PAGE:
Air Pollution Accounts For 4.2 million Deaths Globally
Only 1 percent of the world population breathes pollution-free air, with about 4.2 million people dying annually from diseases related to ambient air pollution. The World Health Organization (WHO) updated its air quality database as part of the World Health Day 2022 campaign, which will focus on raising awareness on health risks related to environmental causes.
“After surviving a pandemic, it is unacceptable to still have 7 million preventable deaths and countless preventable lost years of good health due to air pollution,” said Maria Neira, Director Department of Environment, Climate Change and Health, WHO.
According to WHO, less than 1 percent of the 6000 cities that are monitoring air quality complies with the recommended thresholds. Updated WHO’s data shows that the Eastern Mediterranean region reports the highest levels of inhalable particulate matter (PM10), fine particulate matter (PM2.5) and nitrogen dioxide (NO2), while the Americas have the lowest PM10 and PM2.5 levels.
Air pollution has negative effects on health and primarily affects people who live in urban regions, according to the NOM-172-SEMARNAT-2019. Air pollution accounts for 24 percent of deaths from stroke, 43 percent deaths and disease from chronic obstructive pulmonary disease, 29 percent of deaths and disease from lung cancer, among others.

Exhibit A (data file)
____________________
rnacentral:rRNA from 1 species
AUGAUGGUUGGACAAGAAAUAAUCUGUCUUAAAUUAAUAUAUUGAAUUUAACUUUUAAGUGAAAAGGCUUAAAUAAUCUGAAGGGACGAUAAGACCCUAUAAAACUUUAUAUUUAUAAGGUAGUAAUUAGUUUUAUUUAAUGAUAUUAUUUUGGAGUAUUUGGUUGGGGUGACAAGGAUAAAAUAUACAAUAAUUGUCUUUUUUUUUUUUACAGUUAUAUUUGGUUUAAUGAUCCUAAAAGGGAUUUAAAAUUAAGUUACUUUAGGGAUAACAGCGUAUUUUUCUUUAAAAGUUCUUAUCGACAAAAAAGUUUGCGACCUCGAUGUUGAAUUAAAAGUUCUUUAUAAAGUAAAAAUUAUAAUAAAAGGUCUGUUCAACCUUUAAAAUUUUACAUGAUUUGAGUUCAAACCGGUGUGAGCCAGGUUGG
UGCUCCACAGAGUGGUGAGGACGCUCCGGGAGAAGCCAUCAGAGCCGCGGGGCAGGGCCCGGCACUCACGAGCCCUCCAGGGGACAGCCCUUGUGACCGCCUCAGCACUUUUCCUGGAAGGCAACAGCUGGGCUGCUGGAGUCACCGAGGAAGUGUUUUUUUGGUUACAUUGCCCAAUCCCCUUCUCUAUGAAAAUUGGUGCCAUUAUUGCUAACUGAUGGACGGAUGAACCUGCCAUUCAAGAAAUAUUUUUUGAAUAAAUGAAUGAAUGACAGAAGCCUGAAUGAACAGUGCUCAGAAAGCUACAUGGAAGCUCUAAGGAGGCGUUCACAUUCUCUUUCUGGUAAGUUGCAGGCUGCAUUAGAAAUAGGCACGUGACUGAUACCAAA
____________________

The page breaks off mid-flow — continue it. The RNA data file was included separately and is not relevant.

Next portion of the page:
The INSP reports that air pollution is the ninth risk factor of death and disability in Mexico. The National Report on Air Quality 2019 evaluated states’ compliance with NOM-025-SSA1- 2014 which establishes particulate matter (PM) limits. The results showed that from 63 evaluated cities in the country, 35 did not comply with PM10 limits. Also, from 53 cities evaluated on PM2.5, 25 did not comply with environmental regulations. PM2.5 can impact the cardiovascular, cerebrovascular and respiratory systems. The report also showed that from 46 cities, 29 did not comply with the NOM limits on NO2, which is associated with respiratory diseases that can lead to difficulty breathing and lead to hospital admission.
According to Mexico’s Environmental Commission of the Megalopolis (CAME), in Mexico it is common to find ozone in the air during March because the meteorological conditions benefit its production and accumulation. Recently, Mexico’s City authorities implemented mobility restrictions due to the high amounts of ozone reported. During the last week of Mar. 2022 and the first week of Apr. 2022, more vehicles circulated but 2019 circulation levels have not been reached yet.
To improve air quality, WHO invites governments to monitor air, implement strict vehicle emissions standards and adopt the quality measures suggested by the organization. The NOM-172-SEMARNAT-2019 makes the Mexican state responsible for monitoring air quality and informing the population of its health effects so citizens can use the information efficiently to take preventive measures.